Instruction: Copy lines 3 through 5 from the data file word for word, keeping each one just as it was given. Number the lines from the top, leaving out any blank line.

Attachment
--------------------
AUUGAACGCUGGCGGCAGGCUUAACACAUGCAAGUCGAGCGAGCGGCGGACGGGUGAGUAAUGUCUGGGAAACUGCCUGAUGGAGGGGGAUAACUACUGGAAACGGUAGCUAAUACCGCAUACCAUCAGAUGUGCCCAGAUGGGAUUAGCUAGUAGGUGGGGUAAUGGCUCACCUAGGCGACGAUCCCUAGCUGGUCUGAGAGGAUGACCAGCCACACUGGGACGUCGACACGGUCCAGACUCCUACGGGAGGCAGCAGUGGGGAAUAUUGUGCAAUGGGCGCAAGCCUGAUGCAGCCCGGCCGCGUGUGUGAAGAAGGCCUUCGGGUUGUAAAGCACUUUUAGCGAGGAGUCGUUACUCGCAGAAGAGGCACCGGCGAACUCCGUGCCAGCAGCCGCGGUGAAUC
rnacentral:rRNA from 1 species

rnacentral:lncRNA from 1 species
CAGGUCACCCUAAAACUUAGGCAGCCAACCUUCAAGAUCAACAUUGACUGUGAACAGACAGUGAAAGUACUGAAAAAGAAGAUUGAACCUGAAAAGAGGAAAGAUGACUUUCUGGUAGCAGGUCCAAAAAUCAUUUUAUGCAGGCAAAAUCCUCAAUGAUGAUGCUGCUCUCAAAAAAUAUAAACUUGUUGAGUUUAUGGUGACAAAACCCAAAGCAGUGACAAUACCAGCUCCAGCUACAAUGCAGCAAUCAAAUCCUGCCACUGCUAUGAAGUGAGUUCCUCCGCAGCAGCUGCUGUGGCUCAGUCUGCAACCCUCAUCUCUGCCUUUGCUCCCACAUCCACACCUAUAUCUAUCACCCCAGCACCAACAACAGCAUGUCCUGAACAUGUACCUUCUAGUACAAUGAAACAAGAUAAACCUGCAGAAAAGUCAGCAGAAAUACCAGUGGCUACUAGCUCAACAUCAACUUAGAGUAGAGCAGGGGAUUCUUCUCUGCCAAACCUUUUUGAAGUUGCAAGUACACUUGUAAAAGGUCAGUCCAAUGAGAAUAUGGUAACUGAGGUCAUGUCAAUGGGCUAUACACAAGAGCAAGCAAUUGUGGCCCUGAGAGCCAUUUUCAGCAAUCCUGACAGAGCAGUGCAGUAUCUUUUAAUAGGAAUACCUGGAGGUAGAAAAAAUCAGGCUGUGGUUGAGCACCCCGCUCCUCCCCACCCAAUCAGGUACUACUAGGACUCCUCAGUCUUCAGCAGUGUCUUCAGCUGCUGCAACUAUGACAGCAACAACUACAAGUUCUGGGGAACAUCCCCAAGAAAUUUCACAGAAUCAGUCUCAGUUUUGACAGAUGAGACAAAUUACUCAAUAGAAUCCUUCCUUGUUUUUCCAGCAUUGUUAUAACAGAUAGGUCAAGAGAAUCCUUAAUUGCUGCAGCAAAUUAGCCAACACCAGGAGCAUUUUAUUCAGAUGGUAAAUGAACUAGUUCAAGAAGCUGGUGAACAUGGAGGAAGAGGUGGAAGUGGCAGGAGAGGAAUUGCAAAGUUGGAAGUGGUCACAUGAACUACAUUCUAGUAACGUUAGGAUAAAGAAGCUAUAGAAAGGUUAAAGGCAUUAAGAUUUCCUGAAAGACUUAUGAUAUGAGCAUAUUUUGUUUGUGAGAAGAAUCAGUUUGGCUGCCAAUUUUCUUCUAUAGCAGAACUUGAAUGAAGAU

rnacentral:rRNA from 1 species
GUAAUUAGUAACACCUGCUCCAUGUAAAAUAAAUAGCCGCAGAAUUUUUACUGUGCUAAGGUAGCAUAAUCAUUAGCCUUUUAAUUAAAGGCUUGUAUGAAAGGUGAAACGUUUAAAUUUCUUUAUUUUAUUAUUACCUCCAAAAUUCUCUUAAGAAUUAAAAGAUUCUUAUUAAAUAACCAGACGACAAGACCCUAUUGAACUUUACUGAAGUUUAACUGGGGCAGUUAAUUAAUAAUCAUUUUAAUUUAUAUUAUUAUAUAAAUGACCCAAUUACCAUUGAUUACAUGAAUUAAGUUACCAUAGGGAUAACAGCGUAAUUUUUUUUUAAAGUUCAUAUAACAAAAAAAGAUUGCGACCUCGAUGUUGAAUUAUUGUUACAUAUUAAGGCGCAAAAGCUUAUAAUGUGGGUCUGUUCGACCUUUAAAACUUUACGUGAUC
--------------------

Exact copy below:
rnacentral:lncRNA from 1 species
CAGGUCACCCUAAAACUUAGGCAGCCAACCUUCAAGAUCAACAUUGACUGUGAACAGACAGUGAAAGUACUGAAAAAGAAGAUUGAACCUGAAAAGAGGAAAGAUGACUUUCUGGUAGCAGGUCCAAAAAUCAUUUUAUGCAGGCAAAAUCCUCAAUGAUGAUGCUGCUCUCAAAAAAUAUAAACUUGUUGAGUUUAUGGUGACAAAACCCAAAGCAGUGACAAUACCAGCUCCAGCUACAAUGCAGCAAUCAAAUCCUGCCACUGCUAUGAAGUGAGUUCCUCCGCAGCAGCUGCUGUGGCUCAGUCUGCAACCCUCAUCUCUGCCUUUGCUCCCACAUCCACACCUAUAUCUAUCACCCCAGCACCAACAACAGCAUGUCCUGAACAUGUACCUUCUAGUACAAUGAAACAAGAUAAACCUGCAGAAAAGUCAGCAGAAAUACCAGUGGCUACUAGCUCAACAUCAACUUAGAGUAGAGCAGGGGAUUCUUCUCUGCCAAACCUUUUUGAAGUUGCAAGUACACUUGUAAAAGGUCAGUCCAAUGAGAAUAUGGUAACUGAGGUCAUGUCAAUGGGCUAUACACAAGAGCAAGCAAUUGUGGCCCUGAGAGCCAUUUUCAGCAAUCCUGACAGAGCAGUGCAGUAUCUUUUAAUAGGAAUACCUGGAGGUAGAAAAAAUCAGGCUGUGGUUGAGCACCCCGCUCCUCCCCACCCAAUCAGGUACUACUAGGACUCCUCAGUCUUCAGCAGUGUCUUCAGCUGCUGCAACUAUGACAGCAACAACUACAAGUUCUGGGGAACAUCCCCAAGAAAUUUCACAGAAUCAGUCUCAGUUUUGACAGAUGAGACAAAUUACUCAAUAGAAUCCUUCCUUGUUUUUCCAGCAUUGUUAUAACAGAUAGGUCAAGAGAAUCCUUAAUUGCUGCAGCAAAUUAGCCAACACCAGGAGCAUUUUAUUCAGAUGGUAAAUGAACUAGUUCAAGAAGCUGGUGAACAUGGAGGAAGAGGUGGAAGUGGCAGGAGAGGAAUUGCAAAGUUGGAAGUGGUCACAUGAACUACAUUCUAGUAACGUUAGGAUAAAGAAGCUAUAGAAAGGUUAAAGGCAUUAAGAUUUCCUGAAAGACUUAUGAUAUGAGCAUAUUUUGUUUGUGAGAAGAAUCAGUUUGGCUGCCAAUUUUCUUCUAUAGCAGAACUUGAAUGAAGAU

rnacentral:rRNA from 1 species